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A Look at an Insured’s Post-Loss Duty to Cooperate: Exactly How Much Cooperation is Necessary?

July 7, 2016

The Eleventh Circuit Court of Appeals reaffirmed that an insurer is entitled to summary judgment when its insured fails to abide by the policy’s cooperation clause, a condition precedent to filing suit. See Wu v. Safeco Ins. Co. of Indiana, 2016 WL 3595702 (11th Cir. 2016, July 5, 2016). The Eleventh Circuit held that the insureds’ failure to provide federal income tax returns to its insurer, Safeco, constituted a failure to comply with the policy’s conditions under Georgia law, and upheld this trial court’s summary judgment ruling.

The opinion does not provide any detail about the insureds’ loss, but it explains that the insureds made a claim under their homeowner’s insurance policy with Safeco. As part of its investigation, Safeco requested that insureds’ produce “income tax returns dating back to 2009, including all worksheets and schedules.” The insureds produced some, but not all, federal income tax returns, and provided Safeco with authorizations to receive the tax returns directly from the IRS. After receiving the authorizations from the insureds, Safeco submitted the authorizations to the IRS, but the IRS sent the tax returns directly to the insureds. Despite multiple requests by Safeco to the insureds to send the tax returns to Safeco, the insureds failed to respond and subsequently filed suit. Safeco filed a motion for summary judgment, which the U.S. District Court for the Northern District of Georgia granted.

On appeal, the insureds argued that the district court erred in granting summary judgment because there was a genuine issue of material fact as to whether they acted in “good faith” in producing some income tax returns and providing authorization for Safeco to obtain the tax returns directly from the IRS. The insureds relied on a Georgia state court case that held, “where an insured ‘cooperates to some degree or provides an explanation for its noncompliance’ or where ‘the insure[r] fail[s] to act with diligence and good faith in securing the necessary information,’ summary judgment in favor of the insurer is inappropriate.” Diamonds & Denims, Inc. v. First of Ga. Ins. Co., 417 S.E.2d 440, 441–42 (Ga. Ct. App. 1992). In Diamonds & Denims, Inc., the insurer generally requested “books and records” from the insureds following a fire loss claim. The insureds explained that most documentation was destroyed in the fire and offered to provide alternative information, but the insurer never followed up on its general requests, nor attempted to obtain the information by other means. There, the Georgia appellate court found that a genuine issue of material existed as to the insureds’ compliance with the policy’s post-loss conditions and the insurer’s diligence in attempting to obtain the information by other means.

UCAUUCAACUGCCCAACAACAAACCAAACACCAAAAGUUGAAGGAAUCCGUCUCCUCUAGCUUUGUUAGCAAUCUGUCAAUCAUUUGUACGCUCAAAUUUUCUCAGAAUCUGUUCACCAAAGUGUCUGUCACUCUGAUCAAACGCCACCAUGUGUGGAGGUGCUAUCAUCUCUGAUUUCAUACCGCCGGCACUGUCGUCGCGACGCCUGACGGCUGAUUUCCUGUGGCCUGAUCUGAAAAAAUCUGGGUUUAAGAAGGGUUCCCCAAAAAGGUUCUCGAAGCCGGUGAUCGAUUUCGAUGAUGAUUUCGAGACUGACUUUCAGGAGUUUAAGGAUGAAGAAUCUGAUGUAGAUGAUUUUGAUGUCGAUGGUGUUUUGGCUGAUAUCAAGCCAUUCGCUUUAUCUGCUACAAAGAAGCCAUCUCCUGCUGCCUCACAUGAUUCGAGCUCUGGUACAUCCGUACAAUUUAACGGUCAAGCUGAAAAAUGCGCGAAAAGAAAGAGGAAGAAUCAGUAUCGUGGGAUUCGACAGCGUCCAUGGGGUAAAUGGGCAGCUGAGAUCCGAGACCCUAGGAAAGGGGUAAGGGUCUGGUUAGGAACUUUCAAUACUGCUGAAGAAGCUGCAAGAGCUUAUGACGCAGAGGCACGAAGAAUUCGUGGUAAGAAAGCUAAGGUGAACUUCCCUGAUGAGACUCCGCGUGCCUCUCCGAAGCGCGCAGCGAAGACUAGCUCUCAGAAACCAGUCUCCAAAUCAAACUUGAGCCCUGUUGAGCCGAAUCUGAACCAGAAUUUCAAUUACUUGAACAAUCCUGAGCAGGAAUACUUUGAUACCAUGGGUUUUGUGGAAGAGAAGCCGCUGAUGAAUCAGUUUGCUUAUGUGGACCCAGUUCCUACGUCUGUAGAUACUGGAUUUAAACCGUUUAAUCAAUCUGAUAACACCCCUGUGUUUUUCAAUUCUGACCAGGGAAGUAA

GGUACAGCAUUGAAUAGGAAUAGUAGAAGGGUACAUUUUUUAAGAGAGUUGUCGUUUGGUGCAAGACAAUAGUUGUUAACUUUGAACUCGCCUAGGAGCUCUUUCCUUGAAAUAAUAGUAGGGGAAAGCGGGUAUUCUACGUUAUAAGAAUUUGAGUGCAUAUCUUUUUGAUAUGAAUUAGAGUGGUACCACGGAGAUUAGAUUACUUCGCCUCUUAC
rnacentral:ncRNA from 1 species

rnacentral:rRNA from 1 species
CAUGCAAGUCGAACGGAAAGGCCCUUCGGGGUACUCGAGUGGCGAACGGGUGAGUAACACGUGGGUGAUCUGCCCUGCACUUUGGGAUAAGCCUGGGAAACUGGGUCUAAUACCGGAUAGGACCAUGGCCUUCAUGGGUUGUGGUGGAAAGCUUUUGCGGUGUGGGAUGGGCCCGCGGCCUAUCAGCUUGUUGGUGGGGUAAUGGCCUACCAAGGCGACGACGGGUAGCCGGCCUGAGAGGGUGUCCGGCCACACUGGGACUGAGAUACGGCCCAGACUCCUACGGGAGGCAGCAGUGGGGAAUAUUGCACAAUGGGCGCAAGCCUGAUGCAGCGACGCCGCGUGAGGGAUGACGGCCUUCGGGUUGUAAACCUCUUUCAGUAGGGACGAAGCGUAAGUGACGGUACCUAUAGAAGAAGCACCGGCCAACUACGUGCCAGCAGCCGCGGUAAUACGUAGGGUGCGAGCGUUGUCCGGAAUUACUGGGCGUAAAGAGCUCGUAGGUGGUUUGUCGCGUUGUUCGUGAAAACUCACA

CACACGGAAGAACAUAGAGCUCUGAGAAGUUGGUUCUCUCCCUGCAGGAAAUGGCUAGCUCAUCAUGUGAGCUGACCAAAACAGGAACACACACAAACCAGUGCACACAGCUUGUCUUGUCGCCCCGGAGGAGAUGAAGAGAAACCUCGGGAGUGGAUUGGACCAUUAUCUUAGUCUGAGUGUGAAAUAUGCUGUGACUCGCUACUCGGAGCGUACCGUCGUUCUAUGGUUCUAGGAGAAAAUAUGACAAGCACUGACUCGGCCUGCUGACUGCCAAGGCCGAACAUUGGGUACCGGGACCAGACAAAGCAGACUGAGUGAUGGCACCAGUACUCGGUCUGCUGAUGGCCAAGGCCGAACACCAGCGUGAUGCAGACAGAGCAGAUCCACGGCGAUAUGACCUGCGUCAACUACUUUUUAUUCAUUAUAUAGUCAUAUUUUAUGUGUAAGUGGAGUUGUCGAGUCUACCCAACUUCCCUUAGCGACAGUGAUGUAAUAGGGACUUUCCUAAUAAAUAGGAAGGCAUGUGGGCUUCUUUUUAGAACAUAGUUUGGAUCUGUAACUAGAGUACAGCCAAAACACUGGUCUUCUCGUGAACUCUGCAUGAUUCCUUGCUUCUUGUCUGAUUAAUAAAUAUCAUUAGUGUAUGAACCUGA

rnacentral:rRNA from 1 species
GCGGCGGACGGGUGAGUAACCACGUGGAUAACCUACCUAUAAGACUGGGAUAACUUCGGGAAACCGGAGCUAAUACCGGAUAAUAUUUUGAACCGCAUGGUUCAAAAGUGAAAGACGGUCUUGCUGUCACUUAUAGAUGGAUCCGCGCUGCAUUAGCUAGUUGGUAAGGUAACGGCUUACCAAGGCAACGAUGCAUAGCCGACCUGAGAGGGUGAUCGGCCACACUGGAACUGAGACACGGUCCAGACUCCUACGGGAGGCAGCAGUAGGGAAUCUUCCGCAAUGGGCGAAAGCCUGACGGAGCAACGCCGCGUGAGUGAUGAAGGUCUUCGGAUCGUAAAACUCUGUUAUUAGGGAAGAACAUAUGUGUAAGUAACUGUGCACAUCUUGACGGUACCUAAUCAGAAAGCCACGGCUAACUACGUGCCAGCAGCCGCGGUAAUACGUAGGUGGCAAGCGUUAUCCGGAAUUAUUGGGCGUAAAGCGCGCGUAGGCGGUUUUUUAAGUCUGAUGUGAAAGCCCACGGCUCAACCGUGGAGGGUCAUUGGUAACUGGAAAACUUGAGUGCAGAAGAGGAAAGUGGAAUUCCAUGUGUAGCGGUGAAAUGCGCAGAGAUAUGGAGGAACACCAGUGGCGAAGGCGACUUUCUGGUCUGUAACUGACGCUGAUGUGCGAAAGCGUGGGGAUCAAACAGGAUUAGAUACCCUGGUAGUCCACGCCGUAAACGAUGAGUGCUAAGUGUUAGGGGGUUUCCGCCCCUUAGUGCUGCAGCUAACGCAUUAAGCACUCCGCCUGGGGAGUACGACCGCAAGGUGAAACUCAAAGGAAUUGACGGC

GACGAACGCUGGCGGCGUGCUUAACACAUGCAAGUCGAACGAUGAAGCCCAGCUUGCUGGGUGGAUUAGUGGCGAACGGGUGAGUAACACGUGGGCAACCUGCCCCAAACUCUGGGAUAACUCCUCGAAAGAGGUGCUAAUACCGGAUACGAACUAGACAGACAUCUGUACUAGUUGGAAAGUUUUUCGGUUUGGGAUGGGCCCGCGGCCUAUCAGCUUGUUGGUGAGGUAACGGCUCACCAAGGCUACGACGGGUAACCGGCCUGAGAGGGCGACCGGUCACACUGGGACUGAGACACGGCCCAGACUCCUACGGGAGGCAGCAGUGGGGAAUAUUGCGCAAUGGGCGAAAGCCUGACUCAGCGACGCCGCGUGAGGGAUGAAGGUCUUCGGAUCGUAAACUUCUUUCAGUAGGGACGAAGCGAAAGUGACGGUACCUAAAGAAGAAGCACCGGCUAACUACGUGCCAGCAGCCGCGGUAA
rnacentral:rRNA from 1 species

The Eleventh Circuit rejected the insureds’ reliance on Diamonds and DenimsInc. and instead agreed with Safeco that Allstate Ins. Co. v. Hamler, 545 S.E.2d 12 (Ga. Ct. App. 2001), applied. In Hamler, the insurer was granted summary judgment when the insured failed to provide the requested documents. In reaching that conclusion, the Hamler Court rejected the insureds Diamonds and Denims good faith argument and held that the insured had “refused to provide information … despite a lengthy and detailed request by Allstate.” Id. at 15. The Eleventh Circuit held that, like in Hamler, Safeco made a diligent effort to get the tax returns from its insureds, and the insureds failed to cooperate despite the IRS has provided the requested documents to the insureds. Thus, summary judgment was proper.

In Florida, whether a court would find that non-compliance with a condition precedent bars suit is district dependent. In the Second District, the issue of substantial compliance is one for the fact finder and is not appropriate for summary judgment. See Curtis v. Tower Hill Prime Ins. Co., 154 So. 3d 1193, 1197-98 (Fla. 2d DCA 2015). In the Third District, the failure to comply with a condition precedent, including the failure to provide requested documents and to submit to an examination under oath, completely bars recovery, and summary judgment is proper. See Edwards v. State Farm Florida Ins. Co., 64 So. 3d 730, 733 (Fla. 3d DCA 2011). In the Fourth District, a complete failure to comply with a condition precedent bars recovery. See Hunt v. State Farm Florida Ins. Co., 145 So. 3d 210, 212 (Fla. 4th DCA 2014). However, if the insured complies, but not fully, with a condition precedent before filing suit, the insurer is presumed prejudiced, and the insured bears the burden of overcoming prejudice. Id. In the Fifth District, regardless of non-compliance, the insurer must prove that it is prejudiced by the insured’s non-compliance. State Farm Mut. Auto. Ins. Co. v. Curran, 83 So. 3d 793, 803 (Fla. 5th DCA 2011), approved, 135 So. 3d 1071 (Fla. 2014).

So, what does this mean for insurers?

  1. Insurers should make reasonable requests to the insureds for information that is material to their claims decisions;
  2. These requests should be specific to the claim and not for documents generally;
  3. If the insureds cooperate to some extent in producing information, insurers should follow up on those requests, and, in some cases, attempt to obtain the information by alternate means;
  4. If the insureds fail to cooperate after multiple attempts, this failure could likely bar the insureds from bringing suit, depending on the jurisdiction.